‘Stuff’ I Learned by Selling our Home
As we've gone through the process of selling our first home, I've learned a few important things.
As I write this, my family is 35 days from moving out of our starter home and into a newer, larger house. By the time you read this, we will hopefully be in our new place and not surrounded by boxes. As we've gone through the process of selling our first home, I've learned a few important things.
Lesson No. 1: Our kids have too much stuff. When we first decided we would try to sell our house, we knew we'd have to clean up in a big way. We first tried to sell the house in 2010 before our two boys had accumulated so many toys and other stuff. This time around, we couldn't just throw a few things in the attic — we needed an overhaul. If you remember the old TLC television show "Clean Sweep," this will sound familiar. We organized everything into three piles: keep, sell (or donate), and toss. A lot of the boy's unwanted things ended up at a consignment store or Goodwill. Little "junk," including plastic toys from Happy Meals and birthday parties, went to new homes or, more often than not, the trash. Some of what was left over, but too large for our space, ended up in storage.
Lesson No. 2: Our kids don't miss the stuff. I was concerned that Tyler, 6, and Chase, 3, would have trouble parting with their things. That couldn't be further from the truth. They had no trouble parting with things. We were even able to reduce Chase's giant stuffed-animal collection. (You know you have too many plush toys if there is a storage net or hammock in the corner of your kid's room filled with stuffed bears and characters). Tyler hoped he could sell toys back to stores and get the full price paid in return. I explained that much like a car driven off a lot, a toy taken out of Target depreciates by 20 percent right away, and then more for every year after. It's only been a month since we said goodbye to a lot of stuff, but neither of the boys has asked about any of that stuff.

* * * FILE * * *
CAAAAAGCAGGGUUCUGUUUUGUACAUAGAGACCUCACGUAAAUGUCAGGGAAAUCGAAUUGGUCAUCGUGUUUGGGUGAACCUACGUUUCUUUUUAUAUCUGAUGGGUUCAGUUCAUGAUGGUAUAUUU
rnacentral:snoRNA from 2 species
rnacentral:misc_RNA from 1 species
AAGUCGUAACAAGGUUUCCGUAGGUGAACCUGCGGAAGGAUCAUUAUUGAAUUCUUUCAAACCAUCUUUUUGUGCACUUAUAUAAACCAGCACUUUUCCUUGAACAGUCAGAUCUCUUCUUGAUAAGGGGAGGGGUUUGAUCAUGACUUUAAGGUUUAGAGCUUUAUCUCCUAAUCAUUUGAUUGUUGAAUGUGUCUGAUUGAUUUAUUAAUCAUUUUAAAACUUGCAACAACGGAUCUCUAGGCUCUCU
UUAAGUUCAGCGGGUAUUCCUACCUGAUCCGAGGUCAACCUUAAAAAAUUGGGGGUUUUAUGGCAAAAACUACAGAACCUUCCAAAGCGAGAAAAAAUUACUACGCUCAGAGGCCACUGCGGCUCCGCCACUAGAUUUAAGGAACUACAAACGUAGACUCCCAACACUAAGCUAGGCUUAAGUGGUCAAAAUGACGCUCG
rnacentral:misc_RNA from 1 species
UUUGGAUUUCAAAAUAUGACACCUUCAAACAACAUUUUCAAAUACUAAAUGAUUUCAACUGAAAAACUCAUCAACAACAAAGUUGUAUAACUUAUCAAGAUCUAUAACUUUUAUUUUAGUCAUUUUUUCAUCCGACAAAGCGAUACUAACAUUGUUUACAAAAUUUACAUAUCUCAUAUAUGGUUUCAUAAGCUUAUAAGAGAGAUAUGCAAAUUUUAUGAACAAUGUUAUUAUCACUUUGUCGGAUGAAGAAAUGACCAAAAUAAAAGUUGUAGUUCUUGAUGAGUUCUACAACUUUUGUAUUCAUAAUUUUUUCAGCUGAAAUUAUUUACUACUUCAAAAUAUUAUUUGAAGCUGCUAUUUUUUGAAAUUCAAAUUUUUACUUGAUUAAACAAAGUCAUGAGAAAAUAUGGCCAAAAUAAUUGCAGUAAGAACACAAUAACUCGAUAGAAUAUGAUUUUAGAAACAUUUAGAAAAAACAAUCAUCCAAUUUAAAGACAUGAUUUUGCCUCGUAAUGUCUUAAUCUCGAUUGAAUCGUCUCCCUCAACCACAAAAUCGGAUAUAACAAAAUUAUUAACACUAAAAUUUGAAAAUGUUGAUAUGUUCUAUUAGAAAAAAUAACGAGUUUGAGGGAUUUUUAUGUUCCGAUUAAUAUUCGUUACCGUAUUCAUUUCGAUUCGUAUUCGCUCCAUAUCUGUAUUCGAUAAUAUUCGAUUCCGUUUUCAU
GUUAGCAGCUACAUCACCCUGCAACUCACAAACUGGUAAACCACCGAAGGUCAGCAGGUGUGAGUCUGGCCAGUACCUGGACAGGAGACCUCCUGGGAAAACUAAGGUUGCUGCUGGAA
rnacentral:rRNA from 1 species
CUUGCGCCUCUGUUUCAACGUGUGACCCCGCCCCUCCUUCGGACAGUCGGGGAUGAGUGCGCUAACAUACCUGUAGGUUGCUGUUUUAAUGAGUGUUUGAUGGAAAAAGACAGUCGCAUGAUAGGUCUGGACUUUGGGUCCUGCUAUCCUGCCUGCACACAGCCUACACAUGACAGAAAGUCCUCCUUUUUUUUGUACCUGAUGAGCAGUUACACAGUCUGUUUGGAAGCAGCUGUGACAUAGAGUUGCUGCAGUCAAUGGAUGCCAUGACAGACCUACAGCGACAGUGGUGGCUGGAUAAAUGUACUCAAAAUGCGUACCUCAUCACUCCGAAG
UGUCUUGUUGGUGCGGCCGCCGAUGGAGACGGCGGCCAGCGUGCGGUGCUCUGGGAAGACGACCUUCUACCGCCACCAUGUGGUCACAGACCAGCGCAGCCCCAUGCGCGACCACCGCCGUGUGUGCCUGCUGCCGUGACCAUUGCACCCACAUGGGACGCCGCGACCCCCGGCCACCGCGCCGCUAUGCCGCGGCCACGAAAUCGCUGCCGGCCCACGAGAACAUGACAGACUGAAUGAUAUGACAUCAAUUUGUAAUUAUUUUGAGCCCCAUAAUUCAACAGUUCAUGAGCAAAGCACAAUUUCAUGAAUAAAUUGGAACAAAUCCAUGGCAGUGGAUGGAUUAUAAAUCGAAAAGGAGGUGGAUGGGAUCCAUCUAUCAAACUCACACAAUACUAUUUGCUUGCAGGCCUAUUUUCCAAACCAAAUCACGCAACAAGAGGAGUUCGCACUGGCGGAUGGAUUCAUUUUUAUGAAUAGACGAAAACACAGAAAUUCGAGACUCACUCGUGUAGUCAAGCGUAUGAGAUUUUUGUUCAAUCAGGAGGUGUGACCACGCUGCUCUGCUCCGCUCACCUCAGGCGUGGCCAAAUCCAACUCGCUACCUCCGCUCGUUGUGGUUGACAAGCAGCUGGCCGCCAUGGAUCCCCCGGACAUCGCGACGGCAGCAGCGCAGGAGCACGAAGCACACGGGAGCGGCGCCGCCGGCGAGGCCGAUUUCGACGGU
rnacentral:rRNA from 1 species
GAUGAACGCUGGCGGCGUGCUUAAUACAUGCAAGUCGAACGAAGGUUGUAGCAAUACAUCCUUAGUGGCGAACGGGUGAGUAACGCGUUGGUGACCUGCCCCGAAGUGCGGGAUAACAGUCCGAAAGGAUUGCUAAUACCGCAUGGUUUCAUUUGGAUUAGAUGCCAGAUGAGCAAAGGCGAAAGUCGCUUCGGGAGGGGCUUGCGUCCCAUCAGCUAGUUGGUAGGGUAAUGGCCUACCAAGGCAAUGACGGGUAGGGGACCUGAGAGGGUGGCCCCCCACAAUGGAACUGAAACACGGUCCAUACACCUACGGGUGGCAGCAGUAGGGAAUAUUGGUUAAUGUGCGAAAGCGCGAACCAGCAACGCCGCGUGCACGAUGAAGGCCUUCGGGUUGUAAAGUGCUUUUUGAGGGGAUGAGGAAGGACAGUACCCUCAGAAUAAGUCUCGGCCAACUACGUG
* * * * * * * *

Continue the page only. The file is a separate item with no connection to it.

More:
Lesson No. 3: Stuff doesn't make any of us happier. Understand that I am not even close to being a minimalist. I have my share of unnecessary electronics and other things that I enjoy, and so do my wife and kids. Once we have what we want, we get bored, and we want something else. This is true for both kids and adults. I'm not suggesting people get rid of all possessions and go live in a shack off the grid in the mountains, but it just might be time for us to spend more time doing things together rather than getting or having more stuff. Whether it's a vacation or a bike ride, or going out for doughnuts as a family, that stuff really makes us happy. Pare down all the things, sell some of it and use that cash to do something as a family.
Moving into our new home means we will have nearly twice as much room for stuff, but my hope is we fill it with more new memories than new things. That is what really makes a house a home.